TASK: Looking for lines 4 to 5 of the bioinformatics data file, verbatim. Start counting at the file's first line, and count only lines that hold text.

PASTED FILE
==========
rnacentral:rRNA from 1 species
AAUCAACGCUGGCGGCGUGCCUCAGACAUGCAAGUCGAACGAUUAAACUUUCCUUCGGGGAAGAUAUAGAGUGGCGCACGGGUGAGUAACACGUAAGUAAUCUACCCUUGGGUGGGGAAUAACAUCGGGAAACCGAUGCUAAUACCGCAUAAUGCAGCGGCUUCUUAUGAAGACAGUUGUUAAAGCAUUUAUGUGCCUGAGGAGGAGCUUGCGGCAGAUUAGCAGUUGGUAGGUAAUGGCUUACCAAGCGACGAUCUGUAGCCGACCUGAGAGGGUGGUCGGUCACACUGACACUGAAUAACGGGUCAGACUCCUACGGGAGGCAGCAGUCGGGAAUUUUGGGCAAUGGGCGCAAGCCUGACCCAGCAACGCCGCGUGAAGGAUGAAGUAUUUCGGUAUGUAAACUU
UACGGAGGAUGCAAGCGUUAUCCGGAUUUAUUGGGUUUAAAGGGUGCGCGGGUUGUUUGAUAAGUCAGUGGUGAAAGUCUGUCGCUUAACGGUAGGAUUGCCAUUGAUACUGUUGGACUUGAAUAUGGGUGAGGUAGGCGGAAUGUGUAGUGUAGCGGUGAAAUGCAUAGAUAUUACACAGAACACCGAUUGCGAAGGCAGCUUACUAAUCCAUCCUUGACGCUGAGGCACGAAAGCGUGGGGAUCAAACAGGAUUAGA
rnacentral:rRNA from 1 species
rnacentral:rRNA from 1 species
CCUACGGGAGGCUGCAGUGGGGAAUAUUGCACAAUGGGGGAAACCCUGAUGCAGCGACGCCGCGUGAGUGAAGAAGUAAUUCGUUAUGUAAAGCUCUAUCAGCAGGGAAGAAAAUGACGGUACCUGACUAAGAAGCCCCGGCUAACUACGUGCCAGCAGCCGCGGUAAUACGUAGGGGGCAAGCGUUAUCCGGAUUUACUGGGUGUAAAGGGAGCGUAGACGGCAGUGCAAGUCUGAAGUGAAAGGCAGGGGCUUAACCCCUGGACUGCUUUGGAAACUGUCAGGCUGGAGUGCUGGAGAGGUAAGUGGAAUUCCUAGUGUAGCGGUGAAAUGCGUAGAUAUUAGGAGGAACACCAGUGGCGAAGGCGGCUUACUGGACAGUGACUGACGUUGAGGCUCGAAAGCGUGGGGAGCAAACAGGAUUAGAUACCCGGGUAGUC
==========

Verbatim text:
rnacentral:rRNA from 1 species
rnacentral:rRNA from 1 species